Episode #3469

Link to the Old Style Via Donnacha Dennehy

« previous episode | next episode »

Thursday, May 16, 2013

For this New Sounds, John Schaefer catches up with the Irish composer Donnacha Dennehy, who also presents some of his latest music including a bit of his multi-media musical theatre piece, “the Hunger.”  Based on the events of the Irish famine, this opera-in-progress incorporates the unaccompanied Irish vocal music called Sean nós, like Dennehy’s previous work, “Grá agus Bás.” In “The Hunger,” however, Dennehy knits vintage recordings of sean-nós into the piece and uses the writings of American non-conformist Asenath Nicholson to inform the main narrative.  

Also, listen to an arrangement for cello & electronics of Dennehy’s “Aisling Gheal” and an exclusive performance recording by Crash Ensemble of his “Disposable Dissonance.”

PROGRAM # 3469, with Donnacha Dennehy   (First aired on 5/16/2013)                                                 





Donnacha Dennehy

Grá agus Bás (Love and Death)

Grá agus Bás, excerpt [1:00]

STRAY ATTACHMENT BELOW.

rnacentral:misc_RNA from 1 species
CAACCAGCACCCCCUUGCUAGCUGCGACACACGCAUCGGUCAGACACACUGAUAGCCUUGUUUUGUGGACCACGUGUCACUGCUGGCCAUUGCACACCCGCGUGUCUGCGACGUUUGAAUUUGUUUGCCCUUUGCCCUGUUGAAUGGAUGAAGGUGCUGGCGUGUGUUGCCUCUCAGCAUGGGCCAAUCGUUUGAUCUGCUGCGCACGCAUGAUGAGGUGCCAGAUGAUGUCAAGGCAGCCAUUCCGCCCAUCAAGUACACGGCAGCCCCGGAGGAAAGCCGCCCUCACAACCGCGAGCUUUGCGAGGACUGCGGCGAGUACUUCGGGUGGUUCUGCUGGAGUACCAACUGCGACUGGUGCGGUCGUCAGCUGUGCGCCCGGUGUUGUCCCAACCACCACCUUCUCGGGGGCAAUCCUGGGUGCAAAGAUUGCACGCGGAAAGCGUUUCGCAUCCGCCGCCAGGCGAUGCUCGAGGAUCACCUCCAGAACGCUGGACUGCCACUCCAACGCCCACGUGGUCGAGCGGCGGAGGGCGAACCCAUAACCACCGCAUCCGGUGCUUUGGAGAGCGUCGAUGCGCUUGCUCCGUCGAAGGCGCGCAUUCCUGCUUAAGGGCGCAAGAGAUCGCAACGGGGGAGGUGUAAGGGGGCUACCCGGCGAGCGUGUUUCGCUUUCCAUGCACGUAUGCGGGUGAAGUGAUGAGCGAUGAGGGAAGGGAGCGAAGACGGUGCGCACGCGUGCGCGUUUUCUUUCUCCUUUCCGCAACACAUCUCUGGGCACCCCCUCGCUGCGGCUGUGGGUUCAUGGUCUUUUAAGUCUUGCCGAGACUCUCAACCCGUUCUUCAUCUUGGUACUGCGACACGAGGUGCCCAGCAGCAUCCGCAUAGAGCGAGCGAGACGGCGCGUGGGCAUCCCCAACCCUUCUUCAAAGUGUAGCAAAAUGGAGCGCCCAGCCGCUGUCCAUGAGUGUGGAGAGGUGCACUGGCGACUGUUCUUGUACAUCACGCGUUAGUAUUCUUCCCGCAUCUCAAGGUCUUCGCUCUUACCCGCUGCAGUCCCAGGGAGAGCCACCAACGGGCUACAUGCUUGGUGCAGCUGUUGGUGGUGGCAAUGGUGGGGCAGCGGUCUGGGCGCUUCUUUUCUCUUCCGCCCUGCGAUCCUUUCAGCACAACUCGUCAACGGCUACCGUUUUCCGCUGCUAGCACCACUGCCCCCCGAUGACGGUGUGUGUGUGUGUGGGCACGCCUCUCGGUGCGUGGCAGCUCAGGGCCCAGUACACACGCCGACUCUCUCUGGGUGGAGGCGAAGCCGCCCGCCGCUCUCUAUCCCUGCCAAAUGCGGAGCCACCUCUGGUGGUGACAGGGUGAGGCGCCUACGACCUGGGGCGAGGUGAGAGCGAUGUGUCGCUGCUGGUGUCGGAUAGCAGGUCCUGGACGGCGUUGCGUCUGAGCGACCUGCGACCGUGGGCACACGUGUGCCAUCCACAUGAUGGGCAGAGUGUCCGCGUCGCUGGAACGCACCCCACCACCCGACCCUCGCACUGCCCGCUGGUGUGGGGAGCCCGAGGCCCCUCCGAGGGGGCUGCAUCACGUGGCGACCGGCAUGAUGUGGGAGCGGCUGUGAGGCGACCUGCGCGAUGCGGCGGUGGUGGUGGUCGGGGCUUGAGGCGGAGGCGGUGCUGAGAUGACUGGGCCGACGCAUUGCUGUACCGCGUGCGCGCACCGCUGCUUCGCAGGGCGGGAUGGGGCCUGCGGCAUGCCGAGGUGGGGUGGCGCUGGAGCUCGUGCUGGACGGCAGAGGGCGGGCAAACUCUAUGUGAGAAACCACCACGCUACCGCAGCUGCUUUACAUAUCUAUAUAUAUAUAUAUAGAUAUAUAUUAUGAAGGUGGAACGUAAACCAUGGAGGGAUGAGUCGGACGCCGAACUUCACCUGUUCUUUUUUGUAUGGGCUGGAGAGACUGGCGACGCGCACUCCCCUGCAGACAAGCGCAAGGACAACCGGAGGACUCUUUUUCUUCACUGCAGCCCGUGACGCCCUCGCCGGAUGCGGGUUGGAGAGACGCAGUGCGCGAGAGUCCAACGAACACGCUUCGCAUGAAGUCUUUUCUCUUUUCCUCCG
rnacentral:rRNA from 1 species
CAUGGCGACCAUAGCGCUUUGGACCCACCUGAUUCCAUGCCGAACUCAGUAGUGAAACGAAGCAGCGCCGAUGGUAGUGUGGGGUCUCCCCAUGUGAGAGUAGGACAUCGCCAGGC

Nonesuch 527063

Donnacha Dennehy

Private recording

Aisling Gheal for cello and electronics, arr. Dennehy [5:46]

This performance not commercially available.

Alan Pierson, Alarm Will Sound

Private performance recording

Donnacha Dennehy: The Hunger (opera in progress) [7:40]

A different performance of this exists on Soundcloud:

Crash Ensemble, Alan Pierson conducting

Private performance recording

Dennehy: Disposable Dissonance [17:00]

This performance not commercially available.

Kronos Quartet
Mikhail Alexandrovich, cantor

Night Prayers

Golijov: K'vakarat [8:15]

Nonesuch 79346

News, weather, Radiolab, Brian Lehrer and more.
Get the best of WNYC in your inbox, every morning.

Leave a Comment

Register for your own account so you can vote on comments, save your favorites, and more. Learn more.
Please stay on topic, be civil, and be brief.
Email addresses are never displayed, but they are required to confirm your comments. Names are displayed with all comments. We reserve the right to edit any comments posted on this site. Please read the Comment Guidelines before posting. By leaving a comment, you agree to New York Public Radio's Privacy Policy and Terms Of Use.